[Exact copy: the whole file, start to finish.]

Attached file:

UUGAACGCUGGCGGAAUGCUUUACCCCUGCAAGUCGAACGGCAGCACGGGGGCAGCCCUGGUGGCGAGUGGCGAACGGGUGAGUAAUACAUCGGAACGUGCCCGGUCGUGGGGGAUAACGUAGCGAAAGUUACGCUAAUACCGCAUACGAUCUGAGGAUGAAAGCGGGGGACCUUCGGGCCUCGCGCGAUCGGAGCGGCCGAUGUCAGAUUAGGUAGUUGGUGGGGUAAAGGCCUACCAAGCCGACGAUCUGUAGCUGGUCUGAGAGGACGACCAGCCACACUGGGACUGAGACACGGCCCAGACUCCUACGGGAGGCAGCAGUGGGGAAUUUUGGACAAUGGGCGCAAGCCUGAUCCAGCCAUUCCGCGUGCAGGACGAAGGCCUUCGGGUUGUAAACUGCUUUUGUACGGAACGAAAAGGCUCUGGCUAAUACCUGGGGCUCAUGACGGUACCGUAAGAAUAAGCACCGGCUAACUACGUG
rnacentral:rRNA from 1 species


UUGAACGCUGGCGGAAUGCUUUACCCCUGCAAGUCGAACGGCAGCACGGGGGCAGCCCUGGUGGCGAGUGGCGAACGGGUGAGUAAUACAUCGGAACGUGCCCGGUCGUGGGGGAUAACGUAGCGAAAGUUACGCUAAUACCGCAUACGAUCUGAGGAUGAAAGCGGGGGACCUUCGGGCCUCGCGCGAUCGGAGCGGCCGAUGUCAGAUUAGGUAGUUGGUGGGGUAAAGGCCUACCAAGCCGACGAUCUGUAGCUGGUCUGAGAGGACGACCAGCCACACUGGGACUGAGACACGGCCCAGACUCCUACGGGAGGCAGCAGUGGGGAAUUUUGGACAAUGGGCGCAAGCCUGAUCCAGCCAUUCCGCGUGCAGGACGAAGGCCUUCGGGUUGUAAACUGCUUUUGUACGGAACGAAAAGGCUCUGGCUAAUACCUGGGGCUCAUGACGGUACCGUAAGAAUAAGCACCGGCUAACUACGUG
rnacentral:rRNA from 1 species